Created on 13th June 2016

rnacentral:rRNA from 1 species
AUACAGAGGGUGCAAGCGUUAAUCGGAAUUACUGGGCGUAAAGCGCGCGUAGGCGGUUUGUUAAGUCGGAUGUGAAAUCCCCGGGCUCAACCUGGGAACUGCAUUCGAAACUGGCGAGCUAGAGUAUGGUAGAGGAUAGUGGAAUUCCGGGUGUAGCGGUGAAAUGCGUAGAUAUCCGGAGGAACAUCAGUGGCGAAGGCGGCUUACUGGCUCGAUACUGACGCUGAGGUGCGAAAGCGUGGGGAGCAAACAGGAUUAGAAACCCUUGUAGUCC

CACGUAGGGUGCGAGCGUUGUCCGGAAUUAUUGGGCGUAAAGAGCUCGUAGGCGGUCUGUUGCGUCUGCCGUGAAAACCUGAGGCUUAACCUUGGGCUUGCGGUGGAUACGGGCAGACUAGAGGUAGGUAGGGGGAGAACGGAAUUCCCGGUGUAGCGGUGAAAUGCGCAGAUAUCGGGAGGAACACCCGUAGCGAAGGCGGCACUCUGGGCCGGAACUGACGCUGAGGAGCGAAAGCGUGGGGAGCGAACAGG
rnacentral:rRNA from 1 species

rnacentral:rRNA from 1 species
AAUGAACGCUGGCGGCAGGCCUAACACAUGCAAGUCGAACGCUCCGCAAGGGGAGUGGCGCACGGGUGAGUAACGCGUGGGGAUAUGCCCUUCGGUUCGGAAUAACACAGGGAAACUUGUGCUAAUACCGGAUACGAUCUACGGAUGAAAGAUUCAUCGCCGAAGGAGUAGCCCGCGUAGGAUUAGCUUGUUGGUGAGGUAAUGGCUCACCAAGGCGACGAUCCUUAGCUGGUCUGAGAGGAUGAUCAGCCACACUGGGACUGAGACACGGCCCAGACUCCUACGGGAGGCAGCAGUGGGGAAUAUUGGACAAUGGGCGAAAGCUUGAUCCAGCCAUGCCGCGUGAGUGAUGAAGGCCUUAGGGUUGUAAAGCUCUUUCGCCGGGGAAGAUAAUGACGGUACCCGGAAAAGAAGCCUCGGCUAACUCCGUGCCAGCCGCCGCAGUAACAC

Many studies have demonstrated the importance of the gut microbiome in healthy and disease states. However, establishing the causality of host- microbiome interactions in humans is still challenging. Here, we describe a novel experimental system to define the transcriptional response induced by the microbiome in human cells and to shed light on the molecular mechanisms underlying host-gut microbiome interactions. In primary human colonic epithelial cells, we identified over 6,000 genes that change expression at various time points following co-culturing with the gut microbiome of a healthy individual. The differentially expressed genes are enriched for genes associated with several microbiome-related diseases, such as obesity and colorectal cancer. In addition, our experimental system allowed us to identify 87 host SNPs that show allele-specific expression in 69 genes. Furthermore, for 12 SNPs in 12 different genes, allele-specific expression is conditional on the exposure to the microbiome. Of these 12 genes, eight have been associated with diseases linked to the gut microbiome, specifically colorectal cancer, obesity and type 2 diabetes. Our study demonstrates a scalable approach to study host-gut microbiome interactions and can be used to identify putative mechanisms for the interplay between host genetics and microbiome in health and disease.Show more
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